SALT LAKE CITY — Utah lawmakers are looking at helping families struggling to pay for autism therapy for their children.
State law as it currently sits has some caps on the age and hours for Applied Behavioral Analysis therapies, or ABA. SB 95 would make more insurance plans cover the treatment, regardless of age or the hours needed.
Parents testified in committee of the challenges they face, but when they could get the right kind of therapy, it made a huge difference. The CDC says one in 44 Utah children has autism.
“We’ve made sacrifices to keep him in ABA, and that’s probably the biggest testimony I can give, is that we will continue to do that as long as we can,” said Ed Lamb, one of the parents in attendance.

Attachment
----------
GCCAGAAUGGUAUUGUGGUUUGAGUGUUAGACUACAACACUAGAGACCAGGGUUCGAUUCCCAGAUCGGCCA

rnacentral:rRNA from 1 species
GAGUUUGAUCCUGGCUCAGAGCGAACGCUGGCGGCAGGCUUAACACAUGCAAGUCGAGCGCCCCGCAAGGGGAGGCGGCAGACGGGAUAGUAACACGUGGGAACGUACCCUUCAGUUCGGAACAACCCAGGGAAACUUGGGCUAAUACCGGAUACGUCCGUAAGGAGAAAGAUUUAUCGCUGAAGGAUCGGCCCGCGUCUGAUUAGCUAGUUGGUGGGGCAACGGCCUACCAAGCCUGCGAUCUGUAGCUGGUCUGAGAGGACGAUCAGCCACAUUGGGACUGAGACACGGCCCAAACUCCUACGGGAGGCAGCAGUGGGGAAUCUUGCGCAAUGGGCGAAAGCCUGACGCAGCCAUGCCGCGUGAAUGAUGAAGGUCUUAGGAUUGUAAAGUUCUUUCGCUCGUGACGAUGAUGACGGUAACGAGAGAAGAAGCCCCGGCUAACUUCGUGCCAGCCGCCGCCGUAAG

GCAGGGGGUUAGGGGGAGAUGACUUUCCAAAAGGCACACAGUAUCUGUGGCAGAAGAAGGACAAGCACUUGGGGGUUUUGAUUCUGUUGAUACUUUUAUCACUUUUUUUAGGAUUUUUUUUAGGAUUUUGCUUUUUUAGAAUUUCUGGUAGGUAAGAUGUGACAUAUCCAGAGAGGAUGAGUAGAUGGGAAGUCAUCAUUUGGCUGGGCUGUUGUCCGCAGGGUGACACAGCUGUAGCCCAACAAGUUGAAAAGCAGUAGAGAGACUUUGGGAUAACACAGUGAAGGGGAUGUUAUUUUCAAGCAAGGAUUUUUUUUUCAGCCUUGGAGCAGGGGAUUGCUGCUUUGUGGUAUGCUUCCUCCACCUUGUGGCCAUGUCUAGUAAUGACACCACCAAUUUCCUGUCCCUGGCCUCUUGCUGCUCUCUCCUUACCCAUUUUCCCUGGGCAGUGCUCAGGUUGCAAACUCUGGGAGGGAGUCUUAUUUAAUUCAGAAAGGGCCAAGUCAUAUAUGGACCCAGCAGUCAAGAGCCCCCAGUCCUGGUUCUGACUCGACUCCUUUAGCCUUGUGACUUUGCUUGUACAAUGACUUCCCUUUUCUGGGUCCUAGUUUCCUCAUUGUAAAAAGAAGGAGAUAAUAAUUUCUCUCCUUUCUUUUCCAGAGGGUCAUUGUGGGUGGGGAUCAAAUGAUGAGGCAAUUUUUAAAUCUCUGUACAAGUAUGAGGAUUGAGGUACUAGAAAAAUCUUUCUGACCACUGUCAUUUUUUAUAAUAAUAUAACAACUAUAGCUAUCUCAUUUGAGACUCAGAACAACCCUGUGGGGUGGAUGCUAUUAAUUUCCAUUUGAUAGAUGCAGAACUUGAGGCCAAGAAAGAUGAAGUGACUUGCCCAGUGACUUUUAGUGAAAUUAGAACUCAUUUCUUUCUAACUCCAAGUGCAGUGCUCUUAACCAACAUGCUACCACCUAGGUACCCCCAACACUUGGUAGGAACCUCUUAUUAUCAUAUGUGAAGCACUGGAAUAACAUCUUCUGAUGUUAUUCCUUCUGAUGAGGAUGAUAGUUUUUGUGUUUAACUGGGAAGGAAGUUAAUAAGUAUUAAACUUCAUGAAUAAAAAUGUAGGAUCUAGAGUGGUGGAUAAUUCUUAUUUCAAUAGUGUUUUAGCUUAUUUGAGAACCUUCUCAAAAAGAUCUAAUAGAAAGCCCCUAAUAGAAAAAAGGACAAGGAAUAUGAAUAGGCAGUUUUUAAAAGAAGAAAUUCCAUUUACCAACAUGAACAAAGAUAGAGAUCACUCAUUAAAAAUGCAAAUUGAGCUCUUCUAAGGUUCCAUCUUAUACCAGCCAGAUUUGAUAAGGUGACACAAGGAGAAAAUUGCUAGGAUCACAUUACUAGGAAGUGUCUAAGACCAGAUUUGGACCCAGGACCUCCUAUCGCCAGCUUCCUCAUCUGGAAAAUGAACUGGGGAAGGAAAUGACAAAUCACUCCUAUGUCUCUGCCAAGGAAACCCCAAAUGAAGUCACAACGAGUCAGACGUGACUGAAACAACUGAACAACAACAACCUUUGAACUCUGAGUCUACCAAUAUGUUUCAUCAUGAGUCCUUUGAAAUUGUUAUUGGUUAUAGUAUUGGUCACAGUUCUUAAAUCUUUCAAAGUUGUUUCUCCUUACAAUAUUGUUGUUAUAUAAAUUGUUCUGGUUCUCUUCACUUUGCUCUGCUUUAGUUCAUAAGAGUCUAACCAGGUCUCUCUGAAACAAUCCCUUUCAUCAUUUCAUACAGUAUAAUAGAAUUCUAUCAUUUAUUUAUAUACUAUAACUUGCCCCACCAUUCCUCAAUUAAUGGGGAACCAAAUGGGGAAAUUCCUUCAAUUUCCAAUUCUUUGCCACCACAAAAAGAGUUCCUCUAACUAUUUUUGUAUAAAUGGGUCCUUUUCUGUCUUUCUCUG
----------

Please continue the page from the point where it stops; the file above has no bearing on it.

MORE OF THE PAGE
Ben Hart, another parent spoke about his son, “He’s 8 years old, we are not experts in medicine or autism or even our own son. Our expectations and hopes for him change all the time,” he said.
“I can absolutely witness to the impact of ABA therapy. It is incredibly potent,” he continued.
The bill passed unanimously out of committee and moves to the Senate.
Some private insurance groups have already opted to cover the service because they say it’s the right thing to do. But larger health plans from out-of-state groups are run by the federal government and would not be covered by this bill.
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